Women in England 1760 - 1914: A Social History by Susie Steinbach - Opening up to the Contents page the sections were broken down in sections titled - Working-Class Women, Middle-Class Women, Elite Women, Sexuality, Religion, Education.  I knew it was coming home with me before turning to the next page to discover Imperialism, Domestic Politics and Suffrage.  'In 1760 few women could read.  By 1914 almost all could, most were educated and a few even attended university.  Votes for women were not achieved until after the First World War but the hard work was done before, and from the 1850s the advent of organized feminism had begun to improve women's lives.  Susie Steinbach examines the way things changed - and the ways they did not - in this history of the lives of women in England.'   For some reason it is always the moments when I am heaving the vacuum around, up and down the stairs, that I am reminded of how things have not changed!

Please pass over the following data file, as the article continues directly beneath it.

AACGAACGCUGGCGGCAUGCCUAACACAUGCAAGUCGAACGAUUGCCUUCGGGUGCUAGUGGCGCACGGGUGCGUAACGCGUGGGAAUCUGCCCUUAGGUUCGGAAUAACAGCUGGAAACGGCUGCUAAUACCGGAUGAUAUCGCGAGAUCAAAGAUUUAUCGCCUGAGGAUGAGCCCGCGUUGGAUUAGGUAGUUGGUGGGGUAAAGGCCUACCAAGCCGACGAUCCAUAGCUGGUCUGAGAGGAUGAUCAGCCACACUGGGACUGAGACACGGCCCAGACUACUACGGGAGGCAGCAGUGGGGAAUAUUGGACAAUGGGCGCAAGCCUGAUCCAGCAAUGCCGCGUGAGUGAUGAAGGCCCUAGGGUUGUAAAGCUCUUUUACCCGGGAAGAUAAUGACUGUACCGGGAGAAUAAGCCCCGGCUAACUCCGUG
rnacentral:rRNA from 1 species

There has been lots going on at our house - summer has a way of doing that - and by the end of the day I am lucky to manage three or four pages before the book falls on my face.  I've chosen a light read to plod through due to all of the distraction but once things calm down I will be digging into The Love-charm of Bombs!  Have you read it?

9 July 2013

All Aboard the Train to Ottawa


My husband and I boarded a VIA train last week for a four hour excursion to our nation's capital.  For those who know me well a trip across the pond to another nation's capital would have been my first choice but if you squint a teensy bit...

After a relaxing journey through more forests and fields than one could think possible we arrived at our lovely hotel, The Lord Elgin, smack dab in the middle of downtown Ottawa.  After unpacking the few things that we brought we made our way through the bustling pedestrian walkway to scout out a few shops and restaurants before making our way to Byward Market.  It's all about the food!  


There was something familiar about a bakery called Le Moulin De Provence and we clued in pretty quickly - it was the bakery that President Obama visited while in Ottawa in 2009.  He chose a few 'Canada' cookies for his daughters and hopefully a little something for the First Lady, Michelle.  Despite not being the slightest bit hungry after a late lunch I couldn't resist tucking a blueberry and fig scone into my bag for later on.